October 14, 2011
Even when the conversation is uncomfortable, parents need to keep talking to their teens about sex, say experts in sexual health.
There is "never going to be any positive reinforcement for talking to kids about sex," said clinical psychologist Sharon Maxwell of Canton, Mass. "They don't want to talk to you about it; it embarrasses them." But, "When [kids] say they got sex education in school, you can say: 'You got the biology, but you didn't get the ethics of it. You did not get what's going to make you feel good as a person.'"
The goal for parents "should be to give kids information, not to extract information from them about 'What are you doing? How far have you gone?'" said Amber Madison, author of "Talking Sex with Your Kids." "Even if kids act like they don't care about what they're saying, they do. Even if they act like they're not listening, they probably are."
"Parents say they have difficulty, but the reality is with a little practice, it's not that hard. Stand in front of a mirror. Practice with your partner. Get used to saying various words," said Fred Kaeser, a former director of health for New York City public schools and author of "What Your Child Needs to Know About Sex (and When)."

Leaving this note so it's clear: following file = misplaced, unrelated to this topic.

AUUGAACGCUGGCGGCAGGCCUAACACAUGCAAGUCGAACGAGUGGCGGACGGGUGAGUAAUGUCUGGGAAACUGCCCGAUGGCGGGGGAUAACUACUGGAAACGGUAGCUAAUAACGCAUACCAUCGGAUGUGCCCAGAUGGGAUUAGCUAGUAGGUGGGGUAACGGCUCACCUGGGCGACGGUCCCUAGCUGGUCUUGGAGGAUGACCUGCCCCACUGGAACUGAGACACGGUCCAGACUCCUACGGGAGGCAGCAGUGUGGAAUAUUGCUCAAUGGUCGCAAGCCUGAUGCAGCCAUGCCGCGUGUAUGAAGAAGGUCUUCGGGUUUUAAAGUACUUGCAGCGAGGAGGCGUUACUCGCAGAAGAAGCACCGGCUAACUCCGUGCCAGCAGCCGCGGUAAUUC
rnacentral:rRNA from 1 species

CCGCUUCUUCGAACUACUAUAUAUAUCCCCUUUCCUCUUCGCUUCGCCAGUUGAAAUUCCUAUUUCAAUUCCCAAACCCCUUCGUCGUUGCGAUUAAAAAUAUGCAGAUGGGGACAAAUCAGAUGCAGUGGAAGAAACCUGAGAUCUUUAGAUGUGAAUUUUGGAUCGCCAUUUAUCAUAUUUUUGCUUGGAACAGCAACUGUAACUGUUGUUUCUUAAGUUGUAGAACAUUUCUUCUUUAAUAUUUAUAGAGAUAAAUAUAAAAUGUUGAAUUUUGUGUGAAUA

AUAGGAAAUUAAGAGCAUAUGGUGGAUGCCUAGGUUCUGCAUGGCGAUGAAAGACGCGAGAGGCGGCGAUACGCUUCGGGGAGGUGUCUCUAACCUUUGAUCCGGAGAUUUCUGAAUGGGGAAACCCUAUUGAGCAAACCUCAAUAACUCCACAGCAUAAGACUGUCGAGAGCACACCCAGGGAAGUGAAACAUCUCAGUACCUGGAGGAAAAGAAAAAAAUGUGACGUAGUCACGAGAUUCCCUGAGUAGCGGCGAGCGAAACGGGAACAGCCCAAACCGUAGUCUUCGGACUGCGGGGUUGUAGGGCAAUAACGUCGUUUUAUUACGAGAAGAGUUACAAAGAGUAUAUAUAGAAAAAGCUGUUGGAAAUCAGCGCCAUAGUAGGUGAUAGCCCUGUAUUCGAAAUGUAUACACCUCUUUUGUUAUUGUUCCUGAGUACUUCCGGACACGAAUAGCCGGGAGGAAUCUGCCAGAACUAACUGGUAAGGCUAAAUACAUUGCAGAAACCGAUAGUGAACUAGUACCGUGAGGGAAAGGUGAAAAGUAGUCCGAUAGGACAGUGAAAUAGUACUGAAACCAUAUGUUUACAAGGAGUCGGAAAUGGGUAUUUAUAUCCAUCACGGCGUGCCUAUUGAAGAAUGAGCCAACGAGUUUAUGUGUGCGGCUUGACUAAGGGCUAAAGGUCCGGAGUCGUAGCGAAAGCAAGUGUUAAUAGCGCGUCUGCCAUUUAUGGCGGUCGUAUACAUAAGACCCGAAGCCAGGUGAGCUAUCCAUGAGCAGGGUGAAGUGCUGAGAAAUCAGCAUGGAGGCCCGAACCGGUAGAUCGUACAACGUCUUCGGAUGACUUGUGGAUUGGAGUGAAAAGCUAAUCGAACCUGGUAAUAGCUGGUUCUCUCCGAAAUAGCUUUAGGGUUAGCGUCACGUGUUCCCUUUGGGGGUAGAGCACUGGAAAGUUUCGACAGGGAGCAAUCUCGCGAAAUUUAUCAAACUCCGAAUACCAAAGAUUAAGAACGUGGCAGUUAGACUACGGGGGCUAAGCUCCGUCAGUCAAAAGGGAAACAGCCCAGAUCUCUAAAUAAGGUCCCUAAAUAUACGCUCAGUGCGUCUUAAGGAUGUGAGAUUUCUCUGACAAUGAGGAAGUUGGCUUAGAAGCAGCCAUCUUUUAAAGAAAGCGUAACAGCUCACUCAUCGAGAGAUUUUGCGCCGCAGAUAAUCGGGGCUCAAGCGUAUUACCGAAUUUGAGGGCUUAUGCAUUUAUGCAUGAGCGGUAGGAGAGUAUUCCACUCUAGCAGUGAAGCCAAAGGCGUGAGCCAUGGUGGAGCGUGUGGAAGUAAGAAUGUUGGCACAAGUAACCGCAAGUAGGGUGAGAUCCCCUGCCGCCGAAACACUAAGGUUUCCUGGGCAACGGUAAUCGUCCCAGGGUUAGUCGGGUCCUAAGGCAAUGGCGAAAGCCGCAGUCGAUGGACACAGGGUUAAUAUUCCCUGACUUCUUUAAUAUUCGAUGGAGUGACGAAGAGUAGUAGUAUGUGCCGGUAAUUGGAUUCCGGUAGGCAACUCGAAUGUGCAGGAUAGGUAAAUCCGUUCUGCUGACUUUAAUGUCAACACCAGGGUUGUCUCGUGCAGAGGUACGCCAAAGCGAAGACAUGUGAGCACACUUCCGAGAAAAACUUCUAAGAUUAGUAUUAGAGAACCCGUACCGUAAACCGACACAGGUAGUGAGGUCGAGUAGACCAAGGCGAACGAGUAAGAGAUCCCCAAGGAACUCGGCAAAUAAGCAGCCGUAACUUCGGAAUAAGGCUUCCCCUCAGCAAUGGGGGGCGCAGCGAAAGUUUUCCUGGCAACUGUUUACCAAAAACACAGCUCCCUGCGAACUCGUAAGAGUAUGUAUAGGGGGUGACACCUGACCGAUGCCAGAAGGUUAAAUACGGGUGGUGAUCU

Federal data released Wednesday find that for both sexes, a "significantly smaller percentage" of teens had had sex if they lived with both parents at age 14; if the mother had her first child at age 20 or older; if the mother was a college graduate; or if the teen currently lived with both parents. Thirty-five percent of girls surveyed who lived with both parents reported being sexually active, compared to 54 percent of those in any other living arrangement.